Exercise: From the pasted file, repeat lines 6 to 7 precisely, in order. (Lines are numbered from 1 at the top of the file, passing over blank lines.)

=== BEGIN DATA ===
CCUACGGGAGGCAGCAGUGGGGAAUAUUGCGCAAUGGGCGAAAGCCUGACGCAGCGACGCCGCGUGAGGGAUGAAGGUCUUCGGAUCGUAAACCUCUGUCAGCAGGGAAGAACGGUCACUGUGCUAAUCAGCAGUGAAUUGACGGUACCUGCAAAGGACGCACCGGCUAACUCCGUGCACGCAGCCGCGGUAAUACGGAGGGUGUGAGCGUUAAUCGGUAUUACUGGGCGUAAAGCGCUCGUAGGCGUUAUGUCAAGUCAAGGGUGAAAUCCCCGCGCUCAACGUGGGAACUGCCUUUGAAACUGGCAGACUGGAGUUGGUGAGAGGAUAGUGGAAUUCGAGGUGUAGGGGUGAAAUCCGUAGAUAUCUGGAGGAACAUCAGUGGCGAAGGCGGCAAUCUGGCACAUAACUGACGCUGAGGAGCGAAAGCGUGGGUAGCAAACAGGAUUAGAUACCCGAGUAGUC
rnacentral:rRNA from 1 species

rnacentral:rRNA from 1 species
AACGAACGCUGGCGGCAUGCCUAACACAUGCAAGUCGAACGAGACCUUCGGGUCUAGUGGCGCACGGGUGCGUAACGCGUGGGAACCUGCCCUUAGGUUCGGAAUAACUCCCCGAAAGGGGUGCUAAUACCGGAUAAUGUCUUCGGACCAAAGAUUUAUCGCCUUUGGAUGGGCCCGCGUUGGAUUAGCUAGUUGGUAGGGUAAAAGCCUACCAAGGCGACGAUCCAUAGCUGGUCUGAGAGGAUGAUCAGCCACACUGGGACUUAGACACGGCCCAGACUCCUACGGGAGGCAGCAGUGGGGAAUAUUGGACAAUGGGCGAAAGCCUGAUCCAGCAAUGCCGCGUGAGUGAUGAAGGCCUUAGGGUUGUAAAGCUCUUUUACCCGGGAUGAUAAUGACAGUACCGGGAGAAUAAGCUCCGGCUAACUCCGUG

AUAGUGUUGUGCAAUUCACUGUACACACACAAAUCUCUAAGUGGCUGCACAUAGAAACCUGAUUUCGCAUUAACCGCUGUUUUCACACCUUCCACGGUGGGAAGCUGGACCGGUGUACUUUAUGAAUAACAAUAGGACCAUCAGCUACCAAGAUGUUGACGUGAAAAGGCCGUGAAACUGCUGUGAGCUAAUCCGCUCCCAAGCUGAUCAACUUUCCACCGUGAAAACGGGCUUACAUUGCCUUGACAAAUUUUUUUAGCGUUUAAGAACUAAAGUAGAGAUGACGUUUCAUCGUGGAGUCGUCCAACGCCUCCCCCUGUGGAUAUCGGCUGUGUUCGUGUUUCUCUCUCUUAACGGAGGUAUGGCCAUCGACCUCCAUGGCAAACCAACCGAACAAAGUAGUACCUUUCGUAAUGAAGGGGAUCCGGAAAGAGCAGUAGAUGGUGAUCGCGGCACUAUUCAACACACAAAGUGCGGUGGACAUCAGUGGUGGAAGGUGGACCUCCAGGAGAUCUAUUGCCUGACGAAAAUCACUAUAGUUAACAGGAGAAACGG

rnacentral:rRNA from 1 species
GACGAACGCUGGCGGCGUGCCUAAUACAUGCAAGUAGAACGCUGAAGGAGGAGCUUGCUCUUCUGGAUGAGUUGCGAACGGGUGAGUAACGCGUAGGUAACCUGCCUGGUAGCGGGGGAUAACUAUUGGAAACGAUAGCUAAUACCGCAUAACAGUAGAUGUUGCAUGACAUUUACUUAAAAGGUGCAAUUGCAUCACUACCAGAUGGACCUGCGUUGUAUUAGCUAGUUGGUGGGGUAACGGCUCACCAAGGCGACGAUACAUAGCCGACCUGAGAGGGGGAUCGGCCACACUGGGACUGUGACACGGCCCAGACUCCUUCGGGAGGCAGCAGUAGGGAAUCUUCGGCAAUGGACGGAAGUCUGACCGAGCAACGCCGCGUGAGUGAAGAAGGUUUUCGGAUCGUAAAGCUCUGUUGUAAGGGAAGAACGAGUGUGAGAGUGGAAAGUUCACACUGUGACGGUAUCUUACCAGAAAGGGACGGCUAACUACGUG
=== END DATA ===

rnacentral:rRNA from 1 species
GACGAACGCUGGCGGCGUGCCUAAUACAUGCAAGUAGAACGCUGAAGGAGGAGCUUGCUCUUCUGGAUGAGUUGCGAACGGGUGAGUAACGCGUAGGUAACCUGCCUGGUAGCGGGGGAUAACUAUUGGAAACGAUAGCUAAUACCGCAUAACAGUAGAUGUUGCAUGACAUUUACUUAAAAGGUGCAAUUGCAUCACUACCAGAUGGACCUGCGUUGUAUUAGCUAGUUGGUGGGGUAACGGCUCACCAAGGCGACGAUACAUAGCCGACCUGAGAGGGGGAUCGGCCACACUGGGACUGUGACACGGCCCAGACUCCUUCGGGAGGCAGCAGUAGGGAAUCUUCGGCAAUGGACGGAAGUCUGACCGAGCAACGCCGCGUGAGUGAAGAAGGUUUUCGGAUCGUAAAGCUCUGUUGUAAGGGAAGAACGAGUGUGAGAGUGGAAAGUUCACACUGUGACGGUAUCUUACCAGAAAGGGACGGCUAACUACGUG